Domestic Prosecution of International Crimes - Introduction


An International Criminal Court is hereby established.
It [...] shall be complementary to national criminal jurisdictions.
— ICC Rome Statute Article 1

In October 2018, the Bosnian state court indicted a former soldier of crimes against humanity for his involvement in the murder and enforced disappearance of civilians in the Kljuc area. In September of that year, a German court convicted Ibrahim Al F. for war crimes committed in Syria and in the same month a military tribunal in the Democratic Republic of the Congo found two military commanders guilty of crimes against humanity committed in the villages of Kamananga and Lumenje (South Kivu). These are just three recent examples of domestic efforts in the prosecution of those responsible for international crimes.  

Based on the complementarity principle of the International Criminal Court (ICC), where states are “unwilling or unable” to prosecute international crimes, the ICC may step in to prosecute those most responsible for the commission of the crimes under its jurisdiction, namely genocide, crimes against humanity, war crimes, and the crime of aggression. However, out of 28 cases before the Court since its inception in 2001 only three resulted in successful convictions.  Several suspects were acquitted after lengthy proceedings, of which Gbagbo and Blé Goudé are the latest examples. Therefore, the ICC should be regarded as a last resort while domestic courts carry the main responsibility to prosecute those responsible for international crimes.

Despite efforts by Bosnia, Germany, the Democratic Republic of the Congo, and others, many states around the world do not have the right legislation in place to prosecute international crimes on a domestic level yet and among those that have, many face obstacles and limitations to the actual prosecution of those crimes.  

This blog post is the first in a series of posts elaborating on the domestic prosecutions of international crimes, providing an overview for readers interested in this topic as well as monthly analyses on developments in different regions worldwide. The focus of the blog post series is on the four core crimes that fall under the jurisdiction of the ICC. Other transnational crimes such as terrorism, piracy, or human trafficking may be used as examples of domestic prosecution of international crimes.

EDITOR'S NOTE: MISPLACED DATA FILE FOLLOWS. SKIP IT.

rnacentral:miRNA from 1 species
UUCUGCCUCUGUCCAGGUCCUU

Sources of Jurisdiction for Domestic Courts

Two main events have empowered domestic courts to exercise jurisdiction over international crimes. The first is the emergence of the principle of universal jurisdiction. This principle is based on the notion that any state may exercise jurisdiction over a situation involving crimes considered “to be of extreme gravity and concern the international community.” It emerged after World War II when the international community implemented a large number of international treaties, including the 1949 Geneva Conventions, that enabled states to implement the principle on a domestic level to prosecute genocide and war crimes, for example. The second event was the adoption of the Rome Statute of the ICC that obliges its 124 member states to amend their domestic legislation to be able to prosecute international crimes. Based on the principle of complementarity, the ICC only has jurisdiction over cases where states are unwilling or unable to take action. In the cases touched upon in the introduction, which concern the gravest crimes, the national courts acted based on the universality principle and the Rome Statute.

Even though universal jurisdiction is the most used form of jurisdiction for international crimes, there are other forms of jurisdiction that provide domestic courts with the power to prosecute international crimes, especially those not falling under the Rome Statute. The territoriality principle permits jurisdiction based on where the crime took place. Domestic courts can use this type for example in cases of terrorist attacks if they have been committed on the state’s territory. The active personality principle permits jurisdiction based on the nationality of the perpetrator. Thus, where the perpetrator is a national of a state, that state may prosecute him or her. Alternatively, the passive personality principle allows for a state to claim jurisdiction based on the nationality of the victim. Third, the protective principle bases jurisdiction over a person on the protection of national interests or security even when the person is outside the state’s boundaries. Hence, domestic courts can base jurisdiction on several different principles to prosecute crimes of an international character.

Limitations to the Domestic Prosecution of International Crimes

The prosecution of international crimes domestically is often complicated. Problems occur, for example, when a state has not incorporated the international crimes into its domestic law or does not provide for universal jurisdiction. When a state does have a basis to prosecute international crimes, these cases are often complex and evidence is difficult to obtain from the respective states. Moreover, policy restrictions arise where there is a lack of specialized units or prosecutorial limits. Germany, France and the Netherlands for example have specialized war crimes units that support the investigation of the crimes committed. Lastly, lack of political will limit the success of prosecuting international crimes.

What are the main limitations to domestic prosecution of international crimes in the world? Are there geographical trends in the domestic prosecution of international crimes? In which areas are international crimes included in national legislations?  Were suspects successfully prosecuted? What obstacles do states face? These are just some of the questions that will be addressed in the next blog posts!